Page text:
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Turtles of Wisconsin

Biology and Behavior

false map turtle

There are 260 species of turtle worldwide.
This is one of them, the false map turtle.

Turtles are believed to have existed on earth longer than any other group of reptiles. Fossil records suggest that they were present as long as 200 million years ago and that they haven't changed much since that time. They are also believed to be one of the longest living creatures. Some species live past 100 years of age. There have been individual turtles that made it to 200 years-old. How can we know that? Turtle havesters report that some alligator snapping turtles harvested in recent years have had arrowheads and musket balls lodged in their shells. How long ago did we use muskets in this country?

Turtles belong to the animal kingdom, phylum Chordata (animals with backbones). They are reptiles covered by scales or horny plantes. Turtles are exothermic or cold-blooded, and unlike humans, they get their body heat from outside sources like the sun. There are approximately 260 species worldwide, 55 native to the United States, and 11 species in Wisconsin. Any idea which turtle species in Wisconsin is the most abundant? It's the painted turtle.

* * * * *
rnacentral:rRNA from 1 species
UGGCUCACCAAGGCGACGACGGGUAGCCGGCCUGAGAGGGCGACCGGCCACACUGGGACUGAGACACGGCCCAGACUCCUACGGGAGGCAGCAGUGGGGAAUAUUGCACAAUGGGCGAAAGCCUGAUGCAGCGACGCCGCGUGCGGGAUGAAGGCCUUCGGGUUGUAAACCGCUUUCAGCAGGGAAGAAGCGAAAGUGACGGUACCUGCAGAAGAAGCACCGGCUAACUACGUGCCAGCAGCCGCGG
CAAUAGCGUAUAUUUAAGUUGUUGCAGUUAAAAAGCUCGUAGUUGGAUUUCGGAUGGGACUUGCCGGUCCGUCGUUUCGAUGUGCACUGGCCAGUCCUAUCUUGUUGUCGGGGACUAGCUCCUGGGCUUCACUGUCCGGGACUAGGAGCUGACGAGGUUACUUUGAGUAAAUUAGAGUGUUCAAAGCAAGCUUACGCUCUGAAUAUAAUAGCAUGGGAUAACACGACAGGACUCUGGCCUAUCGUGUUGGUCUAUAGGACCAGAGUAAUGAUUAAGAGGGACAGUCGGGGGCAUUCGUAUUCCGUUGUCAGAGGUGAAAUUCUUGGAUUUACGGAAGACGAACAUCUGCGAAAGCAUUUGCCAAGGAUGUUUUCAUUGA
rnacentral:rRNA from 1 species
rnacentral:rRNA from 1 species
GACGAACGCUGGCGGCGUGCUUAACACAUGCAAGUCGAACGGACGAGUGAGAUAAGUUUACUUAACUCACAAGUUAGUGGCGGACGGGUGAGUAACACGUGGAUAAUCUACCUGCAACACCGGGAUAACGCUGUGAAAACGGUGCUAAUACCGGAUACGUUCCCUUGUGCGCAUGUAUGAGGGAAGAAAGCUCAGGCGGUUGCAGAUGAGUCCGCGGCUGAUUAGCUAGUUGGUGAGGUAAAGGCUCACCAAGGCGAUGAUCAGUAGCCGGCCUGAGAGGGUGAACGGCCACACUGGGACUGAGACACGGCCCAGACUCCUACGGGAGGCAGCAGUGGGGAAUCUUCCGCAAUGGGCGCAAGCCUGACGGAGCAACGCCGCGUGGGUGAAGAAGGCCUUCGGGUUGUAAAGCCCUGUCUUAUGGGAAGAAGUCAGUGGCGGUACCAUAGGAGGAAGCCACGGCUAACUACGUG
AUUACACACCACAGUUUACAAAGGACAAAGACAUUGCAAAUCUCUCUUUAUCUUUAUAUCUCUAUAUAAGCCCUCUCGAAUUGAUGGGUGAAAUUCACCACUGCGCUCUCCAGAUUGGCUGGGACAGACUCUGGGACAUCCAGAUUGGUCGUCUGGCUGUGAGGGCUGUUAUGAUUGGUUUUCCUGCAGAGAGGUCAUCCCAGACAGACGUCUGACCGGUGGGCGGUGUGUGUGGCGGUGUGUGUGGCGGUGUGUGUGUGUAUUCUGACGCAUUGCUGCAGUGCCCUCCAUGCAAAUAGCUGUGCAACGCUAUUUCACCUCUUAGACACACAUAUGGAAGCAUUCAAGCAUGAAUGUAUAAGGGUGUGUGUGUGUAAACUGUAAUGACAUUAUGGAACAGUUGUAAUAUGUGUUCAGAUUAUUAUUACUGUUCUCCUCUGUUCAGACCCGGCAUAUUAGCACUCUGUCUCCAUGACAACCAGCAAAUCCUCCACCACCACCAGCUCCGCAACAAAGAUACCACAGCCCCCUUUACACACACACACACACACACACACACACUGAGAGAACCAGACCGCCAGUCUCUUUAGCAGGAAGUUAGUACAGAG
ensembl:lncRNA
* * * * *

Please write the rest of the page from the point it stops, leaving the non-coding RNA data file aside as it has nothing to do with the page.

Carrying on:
Wisconsin's turtles represent four of the turtle families. There are the mud and musk turtles (one species); the snapping turtles (one species); box and water turtles (seven species); and the softshell turtles (two species). One of Wisconsin's turtles--the ornate box turtle is Wisconsin's only terrestrial (totally land-dwelling) turtle.

Where Do They Go in Winter? Ten of Wisconsin's 11 turtle species spend the winter under water. Some bury themselves under the bottom while others lie on the bottom and remain motionless. Recent studies show that many turtles don't actually hibernate. The remain semi-active, moving about during the winter. Because winter takes a toll on body reserves, many species begin to emerge as soon as the ice starts to melt around lakes, ponds, and streambanks. Turtles will come to bask on sunny days in early spring when air temperatures near 50 degrees Fahrenheit. Of course, the ice has to have melted enough so that they can get to the shoreline.

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